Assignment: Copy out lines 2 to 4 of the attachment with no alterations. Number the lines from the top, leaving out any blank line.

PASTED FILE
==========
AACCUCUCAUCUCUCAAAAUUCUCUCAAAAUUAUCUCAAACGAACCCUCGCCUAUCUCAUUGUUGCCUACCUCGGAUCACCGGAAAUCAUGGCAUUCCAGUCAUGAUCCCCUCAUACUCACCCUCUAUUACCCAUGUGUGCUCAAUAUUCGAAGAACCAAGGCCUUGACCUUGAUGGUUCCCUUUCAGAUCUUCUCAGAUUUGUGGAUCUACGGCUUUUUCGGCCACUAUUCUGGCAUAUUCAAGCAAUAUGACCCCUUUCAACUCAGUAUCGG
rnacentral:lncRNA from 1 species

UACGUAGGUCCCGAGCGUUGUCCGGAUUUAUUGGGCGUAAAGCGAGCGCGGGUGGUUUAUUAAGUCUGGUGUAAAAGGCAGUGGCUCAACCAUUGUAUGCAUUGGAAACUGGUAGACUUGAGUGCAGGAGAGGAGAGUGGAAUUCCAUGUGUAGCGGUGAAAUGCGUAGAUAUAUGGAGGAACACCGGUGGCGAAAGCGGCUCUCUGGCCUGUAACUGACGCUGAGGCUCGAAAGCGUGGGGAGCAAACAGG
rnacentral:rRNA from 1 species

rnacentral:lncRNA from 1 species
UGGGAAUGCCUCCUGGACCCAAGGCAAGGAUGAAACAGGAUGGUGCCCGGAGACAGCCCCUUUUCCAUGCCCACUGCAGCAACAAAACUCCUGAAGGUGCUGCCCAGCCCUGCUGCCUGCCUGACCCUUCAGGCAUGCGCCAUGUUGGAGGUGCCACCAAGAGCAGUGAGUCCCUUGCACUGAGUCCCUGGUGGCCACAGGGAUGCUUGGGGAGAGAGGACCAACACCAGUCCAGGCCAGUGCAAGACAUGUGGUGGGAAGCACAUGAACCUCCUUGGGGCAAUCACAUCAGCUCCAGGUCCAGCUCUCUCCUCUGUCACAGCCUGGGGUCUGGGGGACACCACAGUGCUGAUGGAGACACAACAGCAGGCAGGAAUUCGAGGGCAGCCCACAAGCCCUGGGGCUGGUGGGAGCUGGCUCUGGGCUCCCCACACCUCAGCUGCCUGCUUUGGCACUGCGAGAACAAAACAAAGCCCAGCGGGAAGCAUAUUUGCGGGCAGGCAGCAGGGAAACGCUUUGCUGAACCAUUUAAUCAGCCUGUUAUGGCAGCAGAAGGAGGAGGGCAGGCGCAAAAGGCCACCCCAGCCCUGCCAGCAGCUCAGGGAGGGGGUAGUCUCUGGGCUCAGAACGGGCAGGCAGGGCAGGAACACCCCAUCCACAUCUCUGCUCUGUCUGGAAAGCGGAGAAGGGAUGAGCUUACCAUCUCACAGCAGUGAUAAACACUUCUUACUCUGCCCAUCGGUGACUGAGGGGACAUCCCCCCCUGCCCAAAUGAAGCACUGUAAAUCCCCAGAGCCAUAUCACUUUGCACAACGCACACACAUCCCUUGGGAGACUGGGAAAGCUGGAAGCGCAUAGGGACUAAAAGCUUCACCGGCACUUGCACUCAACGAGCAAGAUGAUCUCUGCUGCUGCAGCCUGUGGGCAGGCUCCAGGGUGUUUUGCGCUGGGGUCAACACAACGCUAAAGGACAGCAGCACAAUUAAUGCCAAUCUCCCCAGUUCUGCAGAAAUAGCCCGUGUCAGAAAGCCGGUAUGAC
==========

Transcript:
rnacentral:lncRNA from 1 species

UACGUAGGUCCCGAGCGUUGUCCGGAUUUAUUGGGCGUAAAGCGAGCGCGGGUGGUUUAUUAAGUCUGGUGUAAAAGGCAGUGGCUCAACCAUUGUAUGCAUUGGAAACUGGUAGACUUGAGUGCAGGAGAGGAGAGUGGAAUUCCAUGUGUAGCGGUGAAAUGCGUAGAUAUAUGGAGGAACACCGGUGGCGAAAGCGGCUCUCUGGCCUGUAACUGACGCUGAGGCUCGAAAGCGUGGGGAGCAAACAGG
rnacentral:rRNA from 1 species